The piano feels like a forsaken old friend that I am rediscovering. In the span of a month, my music practise has given me more than I ever expected. Writing once gave me that–when it was a pastime and passion and nothing more. As I made the transition from passion to profession, the rules changed. I no longer find joy writing in my diary at the end of the day. Don’t get me wrong–I still love writing. I was born with a writer’s soul.
However, it’s different now.
Anyone who says ‘follow your passion’ and expects that things will magically work out is kidding themselves. It is a difficult journey–to lay one’s heart on the line and leave it open to criticism, half-baked opportunities and open itself up to failure. A beginner always begins with passion. But when one decides to follow the path their heart dictates with entirety–that heart will be tested and trampled on through the various trials by fire.
It is not a journey for the faint-hearted.
Music has brought the innocent joy back into my life. When I first learnt under a piano teacher, I always disappointed him by hitting the wrong notes, not practising hard enough and perhaps even not taking it as seriously as I should have. With my laissez-faire attitude, there was no way I was going to be one of his star students.
And as someone who now handles and manages creatives on a daily basis, I know exactly what it is like to be in my piano teacher’s shoes. Without discipline and vigorous study, artwork remains play. A source of surrender and release. Not that there’s anything wrong with that. We, as humans, need to express ourselves. When we keep everything bottled inside, we become ticking time bombs waiting to explode.
And yet, when passion becomes profession–the equation inevitably changes. The realities and hard truths come down on you like a ton of bricks. You know that there are deadlines. The people around you begin expecting things from you. There is a team that you are answerable to. Any creative work that comes into this world is a product of collaboration and does not grow in a vacuum.
You know what grows in a vacuum? Nothing.
I’m thankful to have a team. They keep things in check. They see my blind spots. They nudge me gently when I am going off-course. Sometimes they even come down on me hard when I am unable to pinpoint my own personal weaknesses. One thing I will say is that a startup team must consist of leaders–no matter who the founder is.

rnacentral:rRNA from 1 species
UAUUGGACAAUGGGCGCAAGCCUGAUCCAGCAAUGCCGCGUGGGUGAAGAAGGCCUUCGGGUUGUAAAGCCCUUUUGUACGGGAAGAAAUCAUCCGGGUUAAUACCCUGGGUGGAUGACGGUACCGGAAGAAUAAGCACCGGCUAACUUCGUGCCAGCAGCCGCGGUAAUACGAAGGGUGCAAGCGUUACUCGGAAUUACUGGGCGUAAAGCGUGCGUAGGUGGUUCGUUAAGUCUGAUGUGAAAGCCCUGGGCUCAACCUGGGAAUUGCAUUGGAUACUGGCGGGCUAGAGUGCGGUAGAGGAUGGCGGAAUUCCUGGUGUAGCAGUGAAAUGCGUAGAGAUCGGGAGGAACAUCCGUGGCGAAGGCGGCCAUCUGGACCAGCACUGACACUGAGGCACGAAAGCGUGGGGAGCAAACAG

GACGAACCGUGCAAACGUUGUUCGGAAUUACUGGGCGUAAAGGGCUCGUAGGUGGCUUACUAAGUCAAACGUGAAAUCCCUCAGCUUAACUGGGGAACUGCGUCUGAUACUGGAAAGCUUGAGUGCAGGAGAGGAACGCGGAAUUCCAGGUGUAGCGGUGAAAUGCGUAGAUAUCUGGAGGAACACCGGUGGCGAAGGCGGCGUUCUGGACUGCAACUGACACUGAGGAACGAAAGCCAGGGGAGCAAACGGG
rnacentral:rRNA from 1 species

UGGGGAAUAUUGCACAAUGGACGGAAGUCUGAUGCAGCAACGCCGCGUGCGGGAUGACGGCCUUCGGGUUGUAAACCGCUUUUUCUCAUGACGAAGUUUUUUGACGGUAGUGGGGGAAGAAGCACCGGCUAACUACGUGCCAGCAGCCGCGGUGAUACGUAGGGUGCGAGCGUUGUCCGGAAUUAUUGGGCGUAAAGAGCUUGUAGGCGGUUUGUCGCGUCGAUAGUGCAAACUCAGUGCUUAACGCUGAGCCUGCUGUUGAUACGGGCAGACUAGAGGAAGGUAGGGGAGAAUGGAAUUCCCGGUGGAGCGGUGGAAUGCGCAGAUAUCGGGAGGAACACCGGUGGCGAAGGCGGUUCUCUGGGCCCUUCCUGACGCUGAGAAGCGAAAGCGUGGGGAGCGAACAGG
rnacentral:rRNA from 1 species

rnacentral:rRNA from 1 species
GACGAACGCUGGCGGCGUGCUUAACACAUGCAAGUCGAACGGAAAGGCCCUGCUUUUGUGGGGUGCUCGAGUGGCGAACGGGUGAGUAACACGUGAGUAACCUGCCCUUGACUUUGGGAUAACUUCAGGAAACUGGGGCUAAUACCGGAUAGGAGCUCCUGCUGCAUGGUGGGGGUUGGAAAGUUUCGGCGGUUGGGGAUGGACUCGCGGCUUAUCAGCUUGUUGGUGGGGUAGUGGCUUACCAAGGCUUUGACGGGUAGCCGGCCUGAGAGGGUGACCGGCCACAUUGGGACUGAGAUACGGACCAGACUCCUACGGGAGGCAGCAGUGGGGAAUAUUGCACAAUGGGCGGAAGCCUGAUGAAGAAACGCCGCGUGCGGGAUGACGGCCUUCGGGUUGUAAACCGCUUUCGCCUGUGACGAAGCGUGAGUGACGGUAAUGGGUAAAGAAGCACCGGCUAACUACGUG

Although I am the Founder of Mith Books, I know that without others with equivalent and more developed leadership skills, none of this would have gotten off the ground. A startup team cannot consist of a group of ‘Yes-Men’. They need to be people who can bring the skills, knowledge and expertise to the table to take things to the next level. Group synergy is what creates growth. It is not a role for employees who are looking for someone to tell them what to do. As an employer, this has been a challenge–especially since so much of our education system prepares people to work in established organisations as opposed to budding ones.
The people who work in startups need to be gardeners who know and understand how to sow and tend to the seeds that have been planted in the ground. A startup needs people who are hungry for change, for achievement, for something beyond the ordinary. Much like a seed, a startup cannot grow if it is inhabited by people who are looking at it and expecting a fruit.
There is absolutely no textbook or manual that could have prepared me for this journey. But like a budding flower, I am growing–just like my business.
Oh, tiny seed–how magnificent one day you will grow to be.
Dipa Sanatani is the Publisher at Mith Books and the author of The Little Light and The Merchant of Stories. In The Merchant of Stories, Dipa takes the reader on a personal journey–narrated through a series of candid journal entries–on what it takes for entrepreneurs and creatives to start their very first venture.